wrote, change it up however you like, and put your name on it.
- Download a
Q & A
sheet geared toward passing a law.
- Download a sheet of
photos of chained dogs and children who have been attacked and injured.
- Download a presentation about chaining in
- Encourage educators in your community, from scout leaders to teachers, to
teach children why chaining is cruel.
- Visit Dogs Deserve
to download free informational flyers, letters,
Spanish flyers are available.
- Get 20
"A chained dog can only watch as life goes by" brochures for a suggested $5
- Visit the
Deserve Better Store to buy brochures, door hangers, books, magnets,
buttons, DVDs, yard signs, stickers, tee shirts, car magnets, and tons more!
(View DDB materials
- Join DDB's
E-Newsletter to get updates on efforts to help chained dogs. Enter your
email address in the right column of their
- Check with your local TV stations to see if they will air one of the
following free PSAs. Just ask for the Community Affairs person or whoever is in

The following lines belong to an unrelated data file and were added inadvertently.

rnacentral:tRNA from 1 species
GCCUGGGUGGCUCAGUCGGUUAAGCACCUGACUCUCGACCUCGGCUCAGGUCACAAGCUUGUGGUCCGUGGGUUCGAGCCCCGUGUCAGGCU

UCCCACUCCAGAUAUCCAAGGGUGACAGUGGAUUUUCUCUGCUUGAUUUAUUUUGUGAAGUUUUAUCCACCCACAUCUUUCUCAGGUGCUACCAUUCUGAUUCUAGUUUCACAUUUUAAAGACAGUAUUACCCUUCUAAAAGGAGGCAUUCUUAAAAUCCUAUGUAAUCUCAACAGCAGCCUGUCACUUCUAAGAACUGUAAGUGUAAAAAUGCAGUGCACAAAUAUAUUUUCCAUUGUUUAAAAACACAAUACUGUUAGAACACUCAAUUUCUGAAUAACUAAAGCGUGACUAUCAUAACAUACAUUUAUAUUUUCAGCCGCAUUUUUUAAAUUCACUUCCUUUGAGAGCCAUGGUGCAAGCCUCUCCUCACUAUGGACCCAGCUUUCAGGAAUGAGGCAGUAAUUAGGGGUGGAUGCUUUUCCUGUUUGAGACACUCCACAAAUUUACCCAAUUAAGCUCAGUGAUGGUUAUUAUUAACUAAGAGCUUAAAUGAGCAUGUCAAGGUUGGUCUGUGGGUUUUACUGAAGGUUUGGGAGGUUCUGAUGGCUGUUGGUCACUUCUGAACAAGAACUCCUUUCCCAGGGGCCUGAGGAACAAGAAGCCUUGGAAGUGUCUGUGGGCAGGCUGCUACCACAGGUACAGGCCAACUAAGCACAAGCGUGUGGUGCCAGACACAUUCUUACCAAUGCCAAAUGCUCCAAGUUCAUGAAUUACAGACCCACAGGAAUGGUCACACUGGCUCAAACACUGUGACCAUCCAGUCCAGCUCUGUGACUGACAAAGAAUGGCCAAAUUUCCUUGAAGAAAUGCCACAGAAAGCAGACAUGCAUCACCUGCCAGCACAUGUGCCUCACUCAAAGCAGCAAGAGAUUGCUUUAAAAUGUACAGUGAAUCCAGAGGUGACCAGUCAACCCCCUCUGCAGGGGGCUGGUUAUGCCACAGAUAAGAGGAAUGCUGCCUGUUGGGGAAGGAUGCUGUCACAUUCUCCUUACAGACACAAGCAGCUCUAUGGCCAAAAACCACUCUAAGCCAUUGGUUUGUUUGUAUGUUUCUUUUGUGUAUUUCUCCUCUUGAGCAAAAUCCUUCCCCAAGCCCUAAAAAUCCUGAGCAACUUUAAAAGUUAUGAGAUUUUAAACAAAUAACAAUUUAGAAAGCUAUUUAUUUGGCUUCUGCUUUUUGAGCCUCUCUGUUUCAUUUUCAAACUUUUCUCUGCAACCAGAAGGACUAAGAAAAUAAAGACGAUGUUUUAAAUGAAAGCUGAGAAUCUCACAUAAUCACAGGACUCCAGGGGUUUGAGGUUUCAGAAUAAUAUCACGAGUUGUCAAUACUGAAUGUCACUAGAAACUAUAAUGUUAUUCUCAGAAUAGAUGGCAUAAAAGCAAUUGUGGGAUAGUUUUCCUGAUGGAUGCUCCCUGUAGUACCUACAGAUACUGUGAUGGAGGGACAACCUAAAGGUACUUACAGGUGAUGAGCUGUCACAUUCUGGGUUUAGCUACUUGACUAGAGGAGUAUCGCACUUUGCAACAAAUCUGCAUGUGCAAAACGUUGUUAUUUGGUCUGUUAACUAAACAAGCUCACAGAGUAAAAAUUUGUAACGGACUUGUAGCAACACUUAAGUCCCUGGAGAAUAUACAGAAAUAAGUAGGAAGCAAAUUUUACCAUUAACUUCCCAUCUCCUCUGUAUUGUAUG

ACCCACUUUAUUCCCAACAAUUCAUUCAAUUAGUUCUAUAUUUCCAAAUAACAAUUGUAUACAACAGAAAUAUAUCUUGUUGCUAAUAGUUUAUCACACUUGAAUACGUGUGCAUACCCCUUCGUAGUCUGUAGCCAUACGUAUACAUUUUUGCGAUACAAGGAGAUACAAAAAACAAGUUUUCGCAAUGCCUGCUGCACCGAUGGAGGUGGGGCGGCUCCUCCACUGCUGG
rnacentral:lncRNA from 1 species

charge of PSAs. The station will probably want it in BETA--and PETA does provide
the PSAs in BETA format. Click
here to have a
PSA sent to your television station.
Public Service Announcements for TV:
Michael Strahan Cold Dog
Loretta Lynn Sings "I Wanna Be Free"
All Companion Animal PSAs
ASPCA offers a great
featuring hip-hop mogul Russell Simmons encouraging people to report animal
cruelty and be kind to animals.
- Jason Taylor also has an anti-cruelty PSA.
A great way to reach out to young people!
- Click the picture at the right for more information on HelpingAnimals.com's
- Humane Society of the United States also has a campaign
to help chained dogs, as does the
- Little Rock residents can distribute this
from Mutts comic strip. Used with permission.